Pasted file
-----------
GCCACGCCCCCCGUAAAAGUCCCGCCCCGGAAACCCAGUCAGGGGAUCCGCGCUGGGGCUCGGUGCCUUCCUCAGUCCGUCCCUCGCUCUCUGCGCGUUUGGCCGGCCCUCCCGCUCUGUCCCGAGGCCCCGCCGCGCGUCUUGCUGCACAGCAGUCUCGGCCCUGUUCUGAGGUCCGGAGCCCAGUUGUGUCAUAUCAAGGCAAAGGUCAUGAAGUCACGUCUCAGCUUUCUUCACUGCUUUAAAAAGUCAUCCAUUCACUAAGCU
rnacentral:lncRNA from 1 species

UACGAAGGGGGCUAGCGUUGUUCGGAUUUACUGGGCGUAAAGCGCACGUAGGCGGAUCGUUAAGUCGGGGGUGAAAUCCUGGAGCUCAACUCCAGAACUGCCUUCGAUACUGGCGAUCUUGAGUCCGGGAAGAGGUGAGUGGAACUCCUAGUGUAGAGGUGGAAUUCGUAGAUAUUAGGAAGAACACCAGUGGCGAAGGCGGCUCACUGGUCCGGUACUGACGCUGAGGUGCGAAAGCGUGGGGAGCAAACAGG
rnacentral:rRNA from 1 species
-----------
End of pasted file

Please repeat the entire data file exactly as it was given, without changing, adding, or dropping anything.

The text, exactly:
GCCACGCCCCCCGUAAAAGUCCCGCCCCGGAAACCCAGUCAGGGGAUCCGCGCUGGGGCUCGGUGCCUUCCUCAGUCCGUCCCUCGCUCUCUGCGCGUUUGGCCGGCCCUCCCGCUCUGUCCCGAGGCCCCGCCGCGCGUCUUGCUGCACAGCAGUCUCGGCCCUGUUCUGAGGUCCGGAGCCCAGUUGUGUCAUAUCAAGGCAAAGGUCAUGAAGUCACGUCUCAGCUUUCUUCACUGCUUUAAAAAGUCAUCCAUUCACUAAGCU
rnacentral:lncRNA from 1 species

UACGAAGGGGGCUAGCGUUGUUCGGAUUUACUGGGCGUAAAGCGCACGUAGGCGGAUCGUUAAGUCGGGGGUGAAAUCCUGGAGCUCAACUCCAGAACUGCCUUCGAUACUGGCGAUCUUGAGUCCGGGAAGAGGUGAGUGGAACUCCUAGUGUAGAGGUGGAAUUCGUAGAUAUUAGGAAGAACACCAGUGGCGAAGGCGGCUCACUGGUCCGGUACUGACGCUGAGGUGCGAAAGCGUGGGGAGCAAACAGG
rnacentral:rRNA from 1 species